3. Methods and Data Sources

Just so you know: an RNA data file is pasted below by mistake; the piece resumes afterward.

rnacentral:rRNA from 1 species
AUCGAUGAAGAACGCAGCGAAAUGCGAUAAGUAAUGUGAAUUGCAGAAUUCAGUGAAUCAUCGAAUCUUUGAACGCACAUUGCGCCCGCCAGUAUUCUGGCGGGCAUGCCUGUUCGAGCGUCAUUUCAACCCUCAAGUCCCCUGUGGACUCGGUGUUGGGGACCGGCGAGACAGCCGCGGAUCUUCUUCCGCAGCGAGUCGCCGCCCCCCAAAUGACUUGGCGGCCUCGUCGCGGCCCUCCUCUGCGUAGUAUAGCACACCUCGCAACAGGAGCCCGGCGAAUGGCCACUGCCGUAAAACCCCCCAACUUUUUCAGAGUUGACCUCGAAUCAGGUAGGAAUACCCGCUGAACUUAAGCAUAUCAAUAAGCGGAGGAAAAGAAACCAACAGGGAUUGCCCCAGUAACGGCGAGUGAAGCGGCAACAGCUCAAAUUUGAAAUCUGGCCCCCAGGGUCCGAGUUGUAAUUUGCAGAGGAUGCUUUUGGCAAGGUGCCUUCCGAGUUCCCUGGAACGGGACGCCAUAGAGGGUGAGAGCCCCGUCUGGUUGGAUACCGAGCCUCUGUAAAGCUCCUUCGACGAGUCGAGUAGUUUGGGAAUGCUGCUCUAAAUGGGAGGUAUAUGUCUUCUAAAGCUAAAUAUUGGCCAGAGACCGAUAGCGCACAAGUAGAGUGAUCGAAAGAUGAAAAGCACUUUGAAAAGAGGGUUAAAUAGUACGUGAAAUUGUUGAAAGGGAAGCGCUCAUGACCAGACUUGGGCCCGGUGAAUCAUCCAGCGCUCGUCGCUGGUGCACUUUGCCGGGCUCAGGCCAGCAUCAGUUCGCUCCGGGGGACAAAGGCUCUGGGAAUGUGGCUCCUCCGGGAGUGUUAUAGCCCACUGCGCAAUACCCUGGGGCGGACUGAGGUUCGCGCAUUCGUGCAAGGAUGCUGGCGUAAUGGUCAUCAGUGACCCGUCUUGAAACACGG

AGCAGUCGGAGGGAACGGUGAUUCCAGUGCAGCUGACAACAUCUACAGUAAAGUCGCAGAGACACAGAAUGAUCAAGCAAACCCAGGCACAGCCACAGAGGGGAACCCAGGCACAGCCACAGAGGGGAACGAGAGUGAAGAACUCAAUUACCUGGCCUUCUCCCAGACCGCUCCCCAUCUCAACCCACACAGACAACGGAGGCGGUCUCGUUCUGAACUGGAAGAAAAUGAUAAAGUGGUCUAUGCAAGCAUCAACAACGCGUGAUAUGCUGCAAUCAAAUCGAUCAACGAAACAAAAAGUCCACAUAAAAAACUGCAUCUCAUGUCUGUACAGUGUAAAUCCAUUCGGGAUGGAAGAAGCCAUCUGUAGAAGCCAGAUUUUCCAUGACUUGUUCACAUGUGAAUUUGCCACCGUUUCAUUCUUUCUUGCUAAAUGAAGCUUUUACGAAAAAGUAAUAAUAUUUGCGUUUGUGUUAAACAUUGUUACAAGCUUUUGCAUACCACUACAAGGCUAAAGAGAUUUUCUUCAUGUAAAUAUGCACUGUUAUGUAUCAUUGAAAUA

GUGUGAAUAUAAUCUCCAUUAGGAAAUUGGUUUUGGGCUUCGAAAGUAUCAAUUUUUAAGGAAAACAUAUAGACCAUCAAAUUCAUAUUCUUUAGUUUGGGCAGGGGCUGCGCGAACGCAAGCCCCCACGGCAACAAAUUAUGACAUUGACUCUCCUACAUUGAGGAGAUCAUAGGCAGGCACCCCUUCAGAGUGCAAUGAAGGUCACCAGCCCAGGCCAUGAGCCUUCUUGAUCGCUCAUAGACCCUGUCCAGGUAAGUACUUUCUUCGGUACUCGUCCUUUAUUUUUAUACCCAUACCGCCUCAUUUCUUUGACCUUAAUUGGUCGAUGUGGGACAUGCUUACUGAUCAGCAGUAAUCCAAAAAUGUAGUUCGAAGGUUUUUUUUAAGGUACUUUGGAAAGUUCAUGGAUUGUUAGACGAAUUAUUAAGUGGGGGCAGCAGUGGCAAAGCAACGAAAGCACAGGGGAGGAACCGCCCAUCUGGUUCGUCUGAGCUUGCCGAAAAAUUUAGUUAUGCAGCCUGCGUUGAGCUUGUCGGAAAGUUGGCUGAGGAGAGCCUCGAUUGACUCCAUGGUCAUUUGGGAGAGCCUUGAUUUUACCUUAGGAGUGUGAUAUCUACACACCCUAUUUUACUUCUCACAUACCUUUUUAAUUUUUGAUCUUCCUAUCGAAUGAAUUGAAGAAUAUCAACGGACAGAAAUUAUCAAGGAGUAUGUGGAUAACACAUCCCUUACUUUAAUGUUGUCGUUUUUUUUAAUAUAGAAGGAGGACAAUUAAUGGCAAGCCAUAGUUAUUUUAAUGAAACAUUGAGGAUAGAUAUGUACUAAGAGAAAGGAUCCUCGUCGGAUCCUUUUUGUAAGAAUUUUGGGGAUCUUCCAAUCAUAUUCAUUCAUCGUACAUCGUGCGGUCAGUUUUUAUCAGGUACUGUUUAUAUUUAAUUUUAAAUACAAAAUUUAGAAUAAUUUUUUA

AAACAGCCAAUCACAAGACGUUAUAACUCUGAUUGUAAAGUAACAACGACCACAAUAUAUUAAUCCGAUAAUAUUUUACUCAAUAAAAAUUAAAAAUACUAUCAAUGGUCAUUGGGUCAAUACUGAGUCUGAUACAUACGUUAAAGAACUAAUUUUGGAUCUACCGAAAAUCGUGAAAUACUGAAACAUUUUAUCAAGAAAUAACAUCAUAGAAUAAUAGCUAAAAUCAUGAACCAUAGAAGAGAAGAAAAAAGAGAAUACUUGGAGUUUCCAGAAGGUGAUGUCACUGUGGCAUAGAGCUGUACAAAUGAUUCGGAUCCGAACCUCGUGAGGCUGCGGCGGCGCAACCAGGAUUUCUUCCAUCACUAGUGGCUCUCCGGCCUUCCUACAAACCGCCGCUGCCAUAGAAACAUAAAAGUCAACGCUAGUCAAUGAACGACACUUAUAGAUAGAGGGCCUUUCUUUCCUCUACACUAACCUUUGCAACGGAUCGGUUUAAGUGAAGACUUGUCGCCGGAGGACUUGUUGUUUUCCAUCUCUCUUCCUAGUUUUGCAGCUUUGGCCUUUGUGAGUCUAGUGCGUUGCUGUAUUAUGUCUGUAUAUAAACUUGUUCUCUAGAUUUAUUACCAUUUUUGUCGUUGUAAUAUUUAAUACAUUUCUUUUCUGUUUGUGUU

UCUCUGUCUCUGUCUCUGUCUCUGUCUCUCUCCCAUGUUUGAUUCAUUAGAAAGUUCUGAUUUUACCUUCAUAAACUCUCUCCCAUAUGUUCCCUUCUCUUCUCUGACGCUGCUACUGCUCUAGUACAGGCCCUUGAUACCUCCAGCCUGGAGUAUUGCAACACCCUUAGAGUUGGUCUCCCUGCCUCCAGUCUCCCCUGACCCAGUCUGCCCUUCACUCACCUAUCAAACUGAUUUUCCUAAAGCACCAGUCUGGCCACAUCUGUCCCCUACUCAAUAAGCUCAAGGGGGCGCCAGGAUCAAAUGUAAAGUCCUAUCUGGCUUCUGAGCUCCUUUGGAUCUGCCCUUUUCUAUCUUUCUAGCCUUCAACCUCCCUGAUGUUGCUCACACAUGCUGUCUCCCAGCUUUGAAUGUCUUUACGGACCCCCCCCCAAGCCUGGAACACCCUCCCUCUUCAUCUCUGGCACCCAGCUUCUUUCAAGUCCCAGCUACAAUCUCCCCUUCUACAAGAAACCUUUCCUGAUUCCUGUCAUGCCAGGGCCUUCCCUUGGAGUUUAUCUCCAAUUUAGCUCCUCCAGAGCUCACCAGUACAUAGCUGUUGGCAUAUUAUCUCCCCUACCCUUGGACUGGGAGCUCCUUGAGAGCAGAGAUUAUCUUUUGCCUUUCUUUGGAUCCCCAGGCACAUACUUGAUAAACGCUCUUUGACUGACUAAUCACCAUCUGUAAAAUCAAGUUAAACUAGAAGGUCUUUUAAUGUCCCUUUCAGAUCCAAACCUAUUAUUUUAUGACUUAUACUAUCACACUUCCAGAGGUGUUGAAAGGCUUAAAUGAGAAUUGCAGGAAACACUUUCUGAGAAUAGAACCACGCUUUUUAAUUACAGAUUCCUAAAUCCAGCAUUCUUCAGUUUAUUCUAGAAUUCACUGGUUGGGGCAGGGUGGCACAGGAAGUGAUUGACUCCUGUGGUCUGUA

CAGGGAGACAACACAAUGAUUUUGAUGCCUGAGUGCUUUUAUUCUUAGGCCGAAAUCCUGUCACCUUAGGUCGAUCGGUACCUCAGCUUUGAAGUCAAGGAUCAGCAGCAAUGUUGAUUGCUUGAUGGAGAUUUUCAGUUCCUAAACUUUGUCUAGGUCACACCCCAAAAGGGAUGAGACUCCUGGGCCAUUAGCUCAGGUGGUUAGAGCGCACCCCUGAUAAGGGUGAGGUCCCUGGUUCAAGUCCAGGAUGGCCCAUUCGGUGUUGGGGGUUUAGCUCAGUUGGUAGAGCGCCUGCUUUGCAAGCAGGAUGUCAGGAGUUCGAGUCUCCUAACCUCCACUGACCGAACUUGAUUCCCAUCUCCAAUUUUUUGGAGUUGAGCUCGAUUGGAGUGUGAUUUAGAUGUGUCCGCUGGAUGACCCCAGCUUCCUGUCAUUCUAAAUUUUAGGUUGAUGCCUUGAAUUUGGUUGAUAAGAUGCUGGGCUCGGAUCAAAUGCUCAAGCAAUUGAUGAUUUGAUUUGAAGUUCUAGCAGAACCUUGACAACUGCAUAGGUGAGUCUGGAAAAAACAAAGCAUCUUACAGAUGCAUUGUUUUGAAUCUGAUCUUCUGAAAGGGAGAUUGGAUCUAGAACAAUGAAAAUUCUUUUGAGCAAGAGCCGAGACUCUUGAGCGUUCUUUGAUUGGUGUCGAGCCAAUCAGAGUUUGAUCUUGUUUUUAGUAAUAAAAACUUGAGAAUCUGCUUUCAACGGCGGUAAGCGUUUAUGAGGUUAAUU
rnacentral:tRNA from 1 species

The paper uses statistical, cartographic and descriptive methods. The initial stage related to the realisation of the objective of the paper was the collection and study of a very broad subject literature thematically related to population-settlement processes, their determinants and function in the shaping of socio-economic space, with particular emphasis on rural areas. In the next procedure, the most important thing was to collect relevant materials, collate and group them. The research was conducted at two scales - general (for the area of the whole Poland) and detailed (on the territory of selected communes characterised by the existence of a large number of depopulation villages). Research materials can be divided into two groups. The first comprises statistical data made available by the Polish Central Statistical Office, covering 41.4 thousand Polish rural settlements. These were used to present issues for basic settlement units - statistical villages. According to the definition of the Central Statistical Office, a statistical locality is an ensemble of settlements which takes the name of a leading locality. As a rule, this ensemble consists of a village and adjacent smaller settlements. On their basis, the population dynamics of each village in Poland was traced and three basic groups of settlements were distinguished in their assemblage - villages with an increase, equilibrium or decrease in population, taking as a basis the number of inhabitants in 2021 in comparison with 1950. The author considered that a slight change in population, +/−5% between the base years (1950 and 2021) indicates population stability, so she considered such villages to be characterised by population equilibrium. The results of the statistical analyses were presented in graphical form, i.e., maps were produced. On the other hand, the second group of data used in the study came from own field research, so called “case studies”, conducted in 6 depopulated communes in the Lubelskie voivodeship (Figure 1). The communes were selected on the basis of an analysis of statistical materials. Their aim was not only to describe the situation of depopulating villages in terms of social, economic and spatial phenomena, but above all to verify initial theses related to the negative consequences of their population regression. During the field research, the author carried out site mapping, a physical inventory of residential buildings and photographic documentation. In order to reconstruct the transformation of morphological systems and the rural landscape as reliably as possible, topographic maps from different years were analysed. Comparative cartography methods using QGIS 2.4 software were used to carry out the task. The retrogression method was used to examine settlement forms in the selected villages. It is a retrospective method of inventory research, based on the analysis and indication of changes that have taken place, and allows historical changes in buildings to be traced in particular localities. It is based on comparing contemporary cartographic material with historical maps (always assuming the same scale), “going back” in time. The starting material was maps at a scale of 1:10,000 made available by the Central Office of Geodesy and Cartography containing data on buildings for 2015, which were juxtaposed with maps from the 1970s. By comparing the maps with each other, a cartographic image was created, which forms the basis for assessing changes in the spatial structure of villages. The analysis of these maps, extended by field observations, provided the basis for assessing changes in the spatial structure of villages. Social methods such as a questionnaire interview were also used in the case of unit surveys. The survey was carried out on a random sample of residents of each locality, and a total of 854 interviews were completed. The questions dealt with various issues: demographic, social, economic and physiognomic of the localities.